We’re Getting Plastic Free July All Wrong: What To Do Instead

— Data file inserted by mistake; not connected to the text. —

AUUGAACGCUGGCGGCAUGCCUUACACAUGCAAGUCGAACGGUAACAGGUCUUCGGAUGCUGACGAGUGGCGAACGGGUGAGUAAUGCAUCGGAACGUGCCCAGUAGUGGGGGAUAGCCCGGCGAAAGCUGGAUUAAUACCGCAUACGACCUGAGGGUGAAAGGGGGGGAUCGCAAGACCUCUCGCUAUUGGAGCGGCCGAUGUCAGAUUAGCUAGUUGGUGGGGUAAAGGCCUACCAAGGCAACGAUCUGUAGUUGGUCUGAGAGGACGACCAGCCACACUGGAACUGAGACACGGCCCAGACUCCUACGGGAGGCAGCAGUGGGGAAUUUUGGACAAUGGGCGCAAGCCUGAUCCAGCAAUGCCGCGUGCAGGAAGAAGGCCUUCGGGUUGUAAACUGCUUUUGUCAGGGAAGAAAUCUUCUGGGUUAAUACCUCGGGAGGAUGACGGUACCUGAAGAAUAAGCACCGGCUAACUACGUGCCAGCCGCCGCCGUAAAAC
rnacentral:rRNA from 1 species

So in addition to sporting your favorite tote, Yinka N. Bode-George, an environmental health advocate, tells mbg that this Plastic Free July, “We have to be having very comprehensive conversations around plastics.”Her group, the National Caucus of Environmental Legislators (NCEL), advocates for sustainable reform across state government. And while they recognize that plastic can cause ecological harm, they see it primarily as a health and environmental justice issue.”There’s so much to be said about the public health impacts of plastic pollution and the environmental injustices that occur with plastic materials,” she says. Beyond affecting sea critters, plastic has very real impacts on humans across its lifespan—from the fracking of its raw materials to its disposal in landfills or incinerators. Toxins are emitted at every stage, and they disproportionately affect poor and BIPOC communities.When considered from this perspective, it isn’t just the material that’s the issue: It’s the whole system that prioritizes global convenience over community livelihood.One potential solution that the NCEL supports is the Break Free From Plastic Pollution Act—a proposed plastic reduction legislation in the U.S. that considers both the human health and environmental impact of plastics. The bill, which was recently reintroduced to Congress, recognizes that moving away from plastic will take a total reimagining of the way our society operates.The policy aims to reduce the need for new plastic material (by supporting reusable alternatives), ban hazardous packaging (by prohibiting certain classes of chemicals), improve recycling and recyclability (by passing minimums on the amount of recycled content companies need to use), and extend producer responsibility (by making companies responsible for collecting and responsibly disposing of their own packaging). The comprehensive bill also calls for language services that can help ensure non-English speakers have their voices heard in plastic hearings.When considering what the future could look like under this proposed bill, Bode-George says, “It looks like reusables. It looks like community members, particularly BIPOC and low-income people, being centered in a circular economy… It looks like communities where people aren’t facing high asthma rates because of incineration facilities. It looks like communities where there isn’t an abundance of litter because of inadequate recycling infrastructure. It just looks like a better world.”If this sounds like a future you’d like to support, consider amplifying your impact this Plastic Free July with the following actions:

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